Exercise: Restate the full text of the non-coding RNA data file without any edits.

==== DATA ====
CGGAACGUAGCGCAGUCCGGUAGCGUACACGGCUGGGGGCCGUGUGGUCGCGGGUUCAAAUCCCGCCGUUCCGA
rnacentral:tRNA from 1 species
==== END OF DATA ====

CGGAACGUAGCGCAGUCCGGUAGCGUACACGGCUGGGGGCCGUGUGGUCGCGGGUUCAAAUCCCGCCGUUCCGA
rnacentral:tRNA from 1 species